The President of the National Assembly of Thailand is an ex officio position occupied by the Speaker of the House of Representatives of Thailand, who upon election as Speaker of the House, will automatically assume office as President of the National Assembly. The Vice President of the National Assembly of Thailand is also an ex officio position occupied by the President of the Senate of Thailand.[7][8]



The powers of the National Assembly are enshrined in Chapter 6, Part 7 of the 2007 Constitution of Thailand.[9] The main powers of the National Assembly are its legislative powers. The procedure for an enactment of a bill is as follows:

  • A bill can be introduced to the National Assembly for consideration by the Cabinet of Thailand; by a minimum of twenty members of the House of Representatives; by a court (the judiciary); by constitutional independent organs (but only in respect to laws that concern that organization); and by persons who have the right to vote submitting a petition of no fewer than ten thousand in number (a form of direct democracy). If the bill is a money bill its introduction can only be made with the endorsement of the prime minister.[10]
  • The bill is then introduced to the House of Representative for debate, amendment, and vote. When the House of Representatives has considered the bill and passed a resolution approving it, the House of Representatives shall submit the bill to the Senate. The Senate must finish the consideration of such bill within 60 days, unless it is a money bill, when consideration must be finished within 30 days.[11]
  • After the Senate has finished consideration of a bill, and if it agrees with the House of Representatives, the bill will then proceed to the next stage. If the Senate disagrees with the House of Representatives, then the bill will be withheld and returned to the House of Representatives. If there is an amendment, the amended bill will then be returned to the House of Representatives. If the House of Representatives approves the amendment, the bill will proceed to the next stage. In other cases, each house will appoint representatives (who may or may not be members of the Assembly) in equal number (as may be fixed by the House of Representatives), to constitute a joint committee to consider the bill. The joint committee will then prepare a report and resubmit the bill to both houses. If both houses approve the bill already considered by the joint committee, the bill will proceed to the next stage. If either house disapproves it, the bill will be withheld.[12]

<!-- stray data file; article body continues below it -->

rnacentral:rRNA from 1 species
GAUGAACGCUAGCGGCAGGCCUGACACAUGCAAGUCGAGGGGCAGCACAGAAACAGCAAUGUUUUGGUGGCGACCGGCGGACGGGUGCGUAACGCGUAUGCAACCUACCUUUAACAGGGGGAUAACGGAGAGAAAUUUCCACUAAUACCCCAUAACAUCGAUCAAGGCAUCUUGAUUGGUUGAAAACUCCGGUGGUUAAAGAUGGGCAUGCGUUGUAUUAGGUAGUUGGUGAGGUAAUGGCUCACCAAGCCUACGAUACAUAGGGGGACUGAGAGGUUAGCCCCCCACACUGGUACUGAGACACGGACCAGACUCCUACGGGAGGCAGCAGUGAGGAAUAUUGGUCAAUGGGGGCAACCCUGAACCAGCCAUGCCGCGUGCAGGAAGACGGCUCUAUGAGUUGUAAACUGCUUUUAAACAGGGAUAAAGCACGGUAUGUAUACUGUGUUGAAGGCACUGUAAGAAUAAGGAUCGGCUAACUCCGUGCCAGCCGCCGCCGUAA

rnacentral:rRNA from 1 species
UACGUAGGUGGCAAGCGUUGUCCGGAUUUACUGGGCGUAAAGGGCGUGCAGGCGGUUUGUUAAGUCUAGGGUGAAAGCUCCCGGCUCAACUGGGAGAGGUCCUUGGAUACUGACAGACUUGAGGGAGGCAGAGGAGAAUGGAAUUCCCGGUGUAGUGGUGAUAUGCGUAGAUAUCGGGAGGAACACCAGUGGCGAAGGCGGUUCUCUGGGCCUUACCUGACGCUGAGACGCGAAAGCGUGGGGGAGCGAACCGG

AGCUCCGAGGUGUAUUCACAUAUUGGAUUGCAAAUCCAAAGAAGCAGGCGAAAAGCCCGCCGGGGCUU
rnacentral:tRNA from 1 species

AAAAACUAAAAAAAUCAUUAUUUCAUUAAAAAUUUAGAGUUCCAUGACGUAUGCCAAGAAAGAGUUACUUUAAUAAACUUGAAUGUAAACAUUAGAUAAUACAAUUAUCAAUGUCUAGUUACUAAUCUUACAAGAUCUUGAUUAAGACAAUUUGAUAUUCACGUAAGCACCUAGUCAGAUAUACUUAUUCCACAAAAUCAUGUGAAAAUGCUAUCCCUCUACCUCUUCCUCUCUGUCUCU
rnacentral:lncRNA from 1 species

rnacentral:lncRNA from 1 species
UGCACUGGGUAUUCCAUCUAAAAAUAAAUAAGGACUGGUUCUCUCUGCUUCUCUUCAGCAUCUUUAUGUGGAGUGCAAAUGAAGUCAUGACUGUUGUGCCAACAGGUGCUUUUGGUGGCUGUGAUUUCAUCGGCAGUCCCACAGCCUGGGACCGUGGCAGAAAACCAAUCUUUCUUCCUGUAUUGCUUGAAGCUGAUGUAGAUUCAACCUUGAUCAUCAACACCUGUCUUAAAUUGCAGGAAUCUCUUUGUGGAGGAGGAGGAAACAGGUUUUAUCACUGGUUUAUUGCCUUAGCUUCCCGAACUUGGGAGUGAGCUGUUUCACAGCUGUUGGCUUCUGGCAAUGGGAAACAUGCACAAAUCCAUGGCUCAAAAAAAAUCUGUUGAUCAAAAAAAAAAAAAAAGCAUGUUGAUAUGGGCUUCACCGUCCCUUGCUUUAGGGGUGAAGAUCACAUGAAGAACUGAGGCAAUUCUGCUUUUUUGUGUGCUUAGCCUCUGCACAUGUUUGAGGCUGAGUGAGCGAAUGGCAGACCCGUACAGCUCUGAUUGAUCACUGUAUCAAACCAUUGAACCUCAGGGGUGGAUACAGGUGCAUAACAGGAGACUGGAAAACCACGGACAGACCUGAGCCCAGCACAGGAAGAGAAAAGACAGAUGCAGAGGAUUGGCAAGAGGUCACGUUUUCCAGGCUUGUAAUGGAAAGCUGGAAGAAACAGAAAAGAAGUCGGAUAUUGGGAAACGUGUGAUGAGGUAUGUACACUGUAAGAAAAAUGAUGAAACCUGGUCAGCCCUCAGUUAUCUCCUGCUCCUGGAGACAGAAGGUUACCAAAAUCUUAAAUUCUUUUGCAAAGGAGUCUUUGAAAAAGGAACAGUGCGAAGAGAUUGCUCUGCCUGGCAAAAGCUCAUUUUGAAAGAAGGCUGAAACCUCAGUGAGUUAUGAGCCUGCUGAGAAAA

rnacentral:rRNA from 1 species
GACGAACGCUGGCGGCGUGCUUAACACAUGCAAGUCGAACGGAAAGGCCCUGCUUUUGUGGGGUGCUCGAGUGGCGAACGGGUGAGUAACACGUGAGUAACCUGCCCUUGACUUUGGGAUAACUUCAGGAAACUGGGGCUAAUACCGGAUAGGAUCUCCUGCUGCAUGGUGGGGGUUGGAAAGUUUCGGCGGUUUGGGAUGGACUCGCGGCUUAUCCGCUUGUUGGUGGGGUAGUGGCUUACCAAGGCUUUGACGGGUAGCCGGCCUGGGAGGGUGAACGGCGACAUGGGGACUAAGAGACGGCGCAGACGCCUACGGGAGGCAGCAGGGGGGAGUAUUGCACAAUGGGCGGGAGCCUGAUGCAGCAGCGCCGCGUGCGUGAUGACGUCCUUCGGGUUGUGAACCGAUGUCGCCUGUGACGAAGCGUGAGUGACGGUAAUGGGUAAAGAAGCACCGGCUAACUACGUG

• After a bill has been approved by the National Assembly, the prime minister presents it to the monarch for royal assent within 20 days from the date of the receipt of the bill from the National Assembly. It shall come into force upon its publication in the Royal Gazette.[13]
  • If the monarch refuses royal assent, by withholding his signature to a bill and either returns it to the National Assembly or does not return it within 90 days, (a veto), the National Assembly must re-deliberate that bill. If the National Assembly resolves to reaffirm the bill with the vote of not less than two-thirds of the total number of existing members of both houses, the prime minister shall again present the bill to the monarch for signature. If the monarch still does not sign and return the bill within 30 days, the prime minister can cause the bill to be promulgated as an act in the Royal Gazette as if the monarch had signed it. This gives the National Assembly the power to overturn a royal veto.[14]

Relationship with the Government[edit]

Prime Minister Abhisit Vejjajiva and the Cabinet answer questions in the House of Representatives.

The Government of Thailand, particularly the Cabinet of Thailand is answerable directly to the National Assembly. The constitution mandates that within 15 days of being sworn in, the Cabinet must state its policies to the National Assembly.[15] The National Assembly has the authority to call any minister to appear before it at any time to explain policies or answer questions. This power of scrutiny is important as some members of the Cabinet need not be members of the National Assembly. If they are a member, they can only be from the lower house or the House of Representatives, as the constitution expressly forbids members of the Senate from being members of the Cabinet.[16]

As the prime minister is selected from the ranks of the House of Representatives and elected by the house, the prime minister is therefore directly responsible to the legislature. The National Assembly can compel him to appear before it like any other minister, and force him to explain policies and answer questions, just like any other member of the Cabinet. In reverse the Cabinet also has some powers over the National Assembly. The Cabinet can, according to the constitution, call an emergency session of the National Assembly at any time.[17]